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‘Little League Shoulder’ Increasingly Common in Youths Who Play Sports

Youth ball player throwing ball

Summertime means thousands of American children are honing their pitching skills on baseball mounds throughout the land. But as always, it is important to start a new sports or fitness regime with plenty of warm-up and cool-down exercises, stretching, appropriate strength-training, and to not go overboard too quickly. Also, having long breaks from playing a given competitive sport in the course of a year helps decrease the risk of repetitive-use injuries.

Insufficient strength training, combined with bad form, can result in “Little League shoulder,” an overuse injury from repetitive overhead ball-throwing, especially pitching. The condition produces shoulder pain, swelling and decreased ability to move the arm — and doctors are seeing it more frequently nowadays.

Medical experts point to changing youth sports trends; in the case of baseball, that includes more year-round pitching, without taking months’ long periods of rest from the sport. Kids may also be doing more pitching, at higher velocities, than in the past.

Both “USA Baseball” and “Little League Baseball” organizations have set pitch-count limits for players; but in spite of this, doctors are seeing a rise in overuse injuries resulting from children pitching too much. Similar injuries are also seen in catchers and position players in baseball, in girls and in tennis players and gymnasts.

To learn more about Little League shoulder, researchers studied the cases of 95 patients between ages 8 and 17 who had the condition (the average age was 13).

All patients had been treated at one pediatric care facility between 1999 and 2013; 97 percent were baseball players. Eighty-six percent were pitchers; 8 percent were catchers and 7 percent played other positions. Three percent of the group were tennis players, and 2 out of the 95 were females.

In addition to shoulder pain, 13 percent of the patients were also experiencing elbow pain; 10 percent felt shoulder weakness or fatigue, and 8 percent were having mechanical difficulty moving their shoulder.

About one-third of the patients had developed decreased range of motion; those with lessened range of motion were also three times more likely to get Little League shoulder again within 6 to 12 months after they returned to sports.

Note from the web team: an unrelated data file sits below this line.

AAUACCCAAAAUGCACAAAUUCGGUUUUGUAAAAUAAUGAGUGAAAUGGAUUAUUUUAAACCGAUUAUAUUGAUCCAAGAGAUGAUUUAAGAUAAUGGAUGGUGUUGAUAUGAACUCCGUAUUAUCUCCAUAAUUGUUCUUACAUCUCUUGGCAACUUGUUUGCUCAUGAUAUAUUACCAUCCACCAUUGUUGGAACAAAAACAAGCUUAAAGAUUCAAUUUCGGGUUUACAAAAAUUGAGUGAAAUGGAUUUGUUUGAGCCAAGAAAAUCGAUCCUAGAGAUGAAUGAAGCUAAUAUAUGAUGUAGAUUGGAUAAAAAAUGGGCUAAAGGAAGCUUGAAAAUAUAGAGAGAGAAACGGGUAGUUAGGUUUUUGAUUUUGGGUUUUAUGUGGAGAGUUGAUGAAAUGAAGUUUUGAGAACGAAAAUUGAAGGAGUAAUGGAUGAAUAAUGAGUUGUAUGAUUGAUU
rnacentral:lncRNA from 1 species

Fortunately, for most patients — 98 percent — simply resting their shoulder was all that was needed to recover. It took an average of more than 2.5 months for symptoms to improve, and an average of more than 4 months for patients to return to play. More than 7 percent had symptoms return within 8 months.

In addition to rest, 79 percent of the children also got physical therapy; all children with range-of-motion problems got physical therapy. One-quarter of the patients were told to change positions when they returned to baseball.

Study author Dr. Benton Heyworth, instructor of orthopedic surgery at Harvard Medical School and a sports medicine practitioner at Boston Children’s Hospital, recommended that even after a months’ long period of rest, children undergo a period of training, and possibly also physical therapy, before returning to play. He added that the 7 percent recurrence rate may be an underestimate, as many children don’t report the pain.

Some doctors also recommend to parents who are especially interested in their children excelling at a sport such as baseball to consider employing an athletic trainer, in addition to a physical therapist, so that muscle strength and technique can be worked on more specifically.

Dr. Heyworth added that the best way to deal with sports injuries is to prevent them, by giving children adequate periods of rest, and by insuring that coaches, team officials and players adhere to well-established pitch-count limits and other Little League protocol.

Findings of the study were presented recently at the American Orthopaedic Society for Sports Medicine’s annual meeting in Seattle.

In addition to improper pitching technique and excessive throwing, the following factors increase the risk of developing Little League shoulder (and elbow pain):

  • Not resting between pitching sessions
  • Playing multiple positions that call for different throwing techniques
  • Not having enough strength in the muscles that support the shoulder and shoulder blade during throwing
  • Weakness or tightness of the core or legs, which will result in more stress being placed in shoulder muscles during throws
  • Playing in more than one league per season

By Lisa Pecos

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